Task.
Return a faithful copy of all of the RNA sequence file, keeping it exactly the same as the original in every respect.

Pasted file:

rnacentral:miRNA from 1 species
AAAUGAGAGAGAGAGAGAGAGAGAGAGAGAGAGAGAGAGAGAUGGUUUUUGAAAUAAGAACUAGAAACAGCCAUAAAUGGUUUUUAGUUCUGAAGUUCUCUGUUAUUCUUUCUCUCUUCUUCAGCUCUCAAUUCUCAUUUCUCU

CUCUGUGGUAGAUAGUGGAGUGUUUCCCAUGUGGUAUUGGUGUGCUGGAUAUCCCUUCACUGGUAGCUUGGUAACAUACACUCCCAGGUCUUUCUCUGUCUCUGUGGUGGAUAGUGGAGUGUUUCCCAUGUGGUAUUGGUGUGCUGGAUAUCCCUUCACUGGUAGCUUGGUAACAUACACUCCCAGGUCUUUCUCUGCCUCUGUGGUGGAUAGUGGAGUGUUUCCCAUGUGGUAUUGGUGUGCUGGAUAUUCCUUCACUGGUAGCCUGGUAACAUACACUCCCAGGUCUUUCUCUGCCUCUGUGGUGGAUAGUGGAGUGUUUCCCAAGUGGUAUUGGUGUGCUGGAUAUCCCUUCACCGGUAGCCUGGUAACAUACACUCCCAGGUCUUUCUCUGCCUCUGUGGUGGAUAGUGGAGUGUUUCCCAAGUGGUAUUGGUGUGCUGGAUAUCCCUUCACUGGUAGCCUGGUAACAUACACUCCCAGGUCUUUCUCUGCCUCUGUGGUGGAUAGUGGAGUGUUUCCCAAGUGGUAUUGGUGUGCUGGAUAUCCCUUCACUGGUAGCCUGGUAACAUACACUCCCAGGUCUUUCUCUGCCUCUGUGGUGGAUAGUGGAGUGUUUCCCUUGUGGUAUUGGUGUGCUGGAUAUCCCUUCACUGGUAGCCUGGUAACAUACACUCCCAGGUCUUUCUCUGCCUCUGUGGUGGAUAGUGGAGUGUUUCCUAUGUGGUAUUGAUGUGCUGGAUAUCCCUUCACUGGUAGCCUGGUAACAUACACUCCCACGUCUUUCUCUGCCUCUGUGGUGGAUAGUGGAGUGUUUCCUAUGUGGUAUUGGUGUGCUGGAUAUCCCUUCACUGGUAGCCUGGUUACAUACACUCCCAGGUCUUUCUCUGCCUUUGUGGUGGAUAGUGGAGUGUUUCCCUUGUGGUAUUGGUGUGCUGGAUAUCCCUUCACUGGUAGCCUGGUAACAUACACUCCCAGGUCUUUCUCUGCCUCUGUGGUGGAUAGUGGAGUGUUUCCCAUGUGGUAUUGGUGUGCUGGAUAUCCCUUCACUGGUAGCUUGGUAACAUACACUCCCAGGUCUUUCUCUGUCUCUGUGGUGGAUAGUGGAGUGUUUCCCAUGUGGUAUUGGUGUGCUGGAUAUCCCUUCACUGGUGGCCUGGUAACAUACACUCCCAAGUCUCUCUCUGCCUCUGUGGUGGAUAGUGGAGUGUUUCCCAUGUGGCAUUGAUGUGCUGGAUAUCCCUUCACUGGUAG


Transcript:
rnacentral:miRNA from 1 species
AAAUGAGAGAGAGAGAGAGAGAGAGAGAGAGAGAGAGAGAGAUGGUUUUUGAAAUAAGAACUAGAAACAGCCAUAAAUGGUUUUUAGUUCUGAAGUUCUCUGUUAUUCUUUCUCUCUUCUUCAGCUCUCAAUUCUCAUUUCUCU

CUCUGUGGUAGAUAGUGGAGUGUUUCCCAUGUGGUAUUGGUGUGCUGGAUAUCCCUUCACUGGUAGCUUGGUAACAUACACUCCCAGGUCUUUCUCUGUCUCUGUGGUGGAUAGUGGAGUGUUUCCCAUGUGGUAUUGGUGUGCUGGAUAUCCCUUCACUGGUAGCUUGGUAACAUACACUCCCAGGUCUUUCUCUGCCUCUGUGGUGGAUAGUGGAGUGUUUCCCAUGUGGUAUUGGUGUGCUGGAUAUUCCUUCACUGGUAGCCUGGUAACAUACACUCCCAGGUCUUUCUCUGCCUCUGUGGUGGAUAGUGGAGUGUUUCCCAAGUGGUAUUGGUGUGCUGGAUAUCCCUUCACCGGUAGCCUGGUAACAUACACUCCCAGGUCUUUCUCUGCCUCUGUGGUGGAUAGUGGAGUGUUUCCCAAGUGGUAUUGGUGUGCUGGAUAUCCCUUCACUGGUAGCCUGGUAACAUACACUCCCAGGUCUUUCUCUGCCUCUGUGGUGGAUAGUGGAGUGUUUCCCAAGUGGUAUUGGUGUGCUGGAUAUCCCUUCACUGGUAGCCUGGUAACAUACACUCCCAGGUCUUUCUCUGCCUCUGUGGUGGAUAGUGGAGUGUUUCCCUUGUGGUAUUGGUGUGCUGGAUAUCCCUUCACUGGUAGCCUGGUAACAUACACUCCCAGGUCUUUCUCUGCCUCUGUGGUGGAUAGUGGAGUGUUUCCUAUGUGGUAUUGAUGUGCUGGAUAUCCCUUCACUGGUAGCCUGGUAACAUACACUCCCACGUCUUUCUCUGCCUCUGUGGUGGAUAGUGGAGUGUUUCCUAUGUGGUAUUGGUGUGCUGGAUAUCCCUUCACUGGUAGCCUGGUUACAUACACUCCCAGGUCUUUCUCUGCCUUUGUGGUGGAUAGUGGAGUGUUUCCCUUGUGGUAUUGGUGUGCUGGAUAUCCCUUCACUGGUAGCCUGGUAACAUACACUCCCAGGUCUUUCUCUGCCUCUGUGGUGGAUAGUGGAGUGUUUCCCAUGUGGUAUUGGUGUGCUGGAUAUCCCUUCACUGGUAGCUUGGUAACAUACACUCCCAGGUCUUUCUCUGUCUCUGUGGUGGAUAGUGGAGUGUUUCCCAUGUGGUAUUGGUGUGCUGGAUAUCCCUUCACUGGUGGCCUGGUAACAUACACUCCCAAGUCUCUCUCUGCCUCUGUGGUGGAUAGUGGAGUGUUUCCCAUGUGGCAUUGAUGUGCUGGAUAUCCCUUCACUGGUAG